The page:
Sean Brown

Investing, on some level, requires predicting the future. But how can you predict the future when the present keeps changing? Sean Brown has been trying to answer that question as much as the rest of us in recent months.

As an entrepreneur and founder of venture capital firm GO VC, Brown is pursuing new opportunities while keeping an eye on how today's headlines might affect tomorrow's business environment.

We spoke with Sean Brown to find out what trends he's seeing in the market, the criteria startups must meet before he invests, and what entrepreneurs can do to become investors themselves.

What market segments is your VC firm looking at?

Brown's first forays into entrepreneurship included founding and successfully exiting online marketing and advertising agencies. Those early wins provided both the capital Brown needed to start investing and a blueprint for helping other companies grow. Brown says that GO VC's flexibility has made it possible to step into market gaps more quickly than other established firms.

"We're constantly looking at new deals that emerge from shifts in the market," Brown said. "For example, there was a big increase in eCommerce activity when people shifted to shopping online in the early stages of the coronavirus pandemic. Businesses in that niche that can hold on to enough of those customers long-term are poised to do pretty well if these trends hold."

What are the top three criteria you consider before investing six figures or more in an early-stage tech company?

To date, GO VC's investments have ranged from five to seven figures, and the firm specializes in — but isn't limited to — funding startups in the tech sector. Brown brings an open mind to each pitch meeting but says there are a few questions that need to be answered correctly for a potential partnership to move forward.

"Broadly speaking, I'd say my top three questions are usually 'Why will this idea work?', 'Where do we fit in?', and 'Do we want to work with them?'," Brown says. "We have a due diligence checklist like anybody else, and that covers most of the technical considerations, but I've really gravitated more to the human side of things as we've built our portfolio."

How would you evaluate a possible portfolio company and its business plan?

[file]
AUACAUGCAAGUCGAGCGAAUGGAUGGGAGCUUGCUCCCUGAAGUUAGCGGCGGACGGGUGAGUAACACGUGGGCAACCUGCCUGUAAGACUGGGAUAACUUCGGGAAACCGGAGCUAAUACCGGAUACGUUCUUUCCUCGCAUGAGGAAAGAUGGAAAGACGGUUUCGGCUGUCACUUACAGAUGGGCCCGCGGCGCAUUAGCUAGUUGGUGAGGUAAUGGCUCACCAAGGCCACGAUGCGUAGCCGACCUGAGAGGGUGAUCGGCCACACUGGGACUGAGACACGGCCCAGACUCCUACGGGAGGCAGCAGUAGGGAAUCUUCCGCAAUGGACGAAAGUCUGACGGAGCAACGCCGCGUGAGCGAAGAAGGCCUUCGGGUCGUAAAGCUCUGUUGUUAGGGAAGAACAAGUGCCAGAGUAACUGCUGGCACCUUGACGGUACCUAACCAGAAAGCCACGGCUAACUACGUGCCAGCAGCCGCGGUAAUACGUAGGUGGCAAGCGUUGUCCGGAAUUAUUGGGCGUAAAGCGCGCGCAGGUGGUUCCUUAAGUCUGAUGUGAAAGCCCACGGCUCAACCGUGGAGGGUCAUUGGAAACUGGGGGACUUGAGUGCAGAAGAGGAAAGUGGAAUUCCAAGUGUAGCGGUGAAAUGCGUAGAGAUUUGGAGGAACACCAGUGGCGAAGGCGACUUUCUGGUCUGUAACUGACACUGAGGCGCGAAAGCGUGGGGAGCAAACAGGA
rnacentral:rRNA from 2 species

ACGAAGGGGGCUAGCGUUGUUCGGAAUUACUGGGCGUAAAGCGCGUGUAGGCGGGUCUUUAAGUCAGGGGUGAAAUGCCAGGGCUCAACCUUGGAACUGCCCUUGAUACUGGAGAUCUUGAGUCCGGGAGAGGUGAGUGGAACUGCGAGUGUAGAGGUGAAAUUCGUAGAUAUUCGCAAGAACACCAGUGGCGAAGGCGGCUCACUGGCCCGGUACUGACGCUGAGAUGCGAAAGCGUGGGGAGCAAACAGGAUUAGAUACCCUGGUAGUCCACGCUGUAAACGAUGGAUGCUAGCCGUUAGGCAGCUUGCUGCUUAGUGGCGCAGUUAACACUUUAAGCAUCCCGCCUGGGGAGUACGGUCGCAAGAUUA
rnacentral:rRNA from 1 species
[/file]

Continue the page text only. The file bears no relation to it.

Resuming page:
GO VC's expansion beyond the tech sector has also included meetings with different startups and investment groups, including portfolio companies. Beyond the criteria already mentioned, Brown says that he doesn't have any problem working with portfolio companies beyond the logistical concerns.

"We'd never turn down an opportunity just because a portfolio company is involved, but it can create more hurdles before the deal is finalized," Brown said. "One possible holdup is that more stakeholders can complicate or dilute the potential return, which we have to be mindful of in the contract stage."

Where do you see yourself in five years?

Brown's journey from founder to financier has been a fairly quick one, and even though economic uncertainty and global turmoil have been making headlines recently, he's optimistic about GO VC's growth.

"I hesitate to predict where we'll be that far down the road -- things have changed so much in the last few months that the world could look totally different by then," Brown said. "We'll probably still live in California because our families and businesses are here, but who knows?"

Sean Brown's wife, Casey Brown, is also an entrepreneur and has a boutique sweets chain called "Casey's Cupcakes" with locations throughout Southern California.

"Come back in four-and-a-half years," Brown added with a laugh, "and ask me again then."

How do you define your success for you and your company?

As a boutique firm, GO VC's annual number of new deals rarely ventures into double digits. But the firm's wide-ranging approach to boosting new businesses makes a personal touch more important — and ultimately more rewarding.

"There are always benchmarks you set for returns as an investor, and we do what we can to help startups as part of reaching those goals," Brown said. "But what's really made GO VC special is partnering with people on projects that we feel strongly about. As long as we have the freedom to choose investments based on ideas that inspire us and not just financial reasons, I'd say we're a success."

Any advice for your readers?

Brown has high hopes for GO VC and, by extension, the diverse collection of startups that they're investing in. For entrepreneurs and business owners looking to make a similar jump into investing, Brown says you have to be willing to outlay more than just funds.

"I'd say focus on what you can control, and play to your own strengths," Brown said. "For example, because I already knew marketing when I started investing, I was able to leverage that to help businesses get off the ground more quickly. If you have experience or connections to share, not just capital, put them to good use."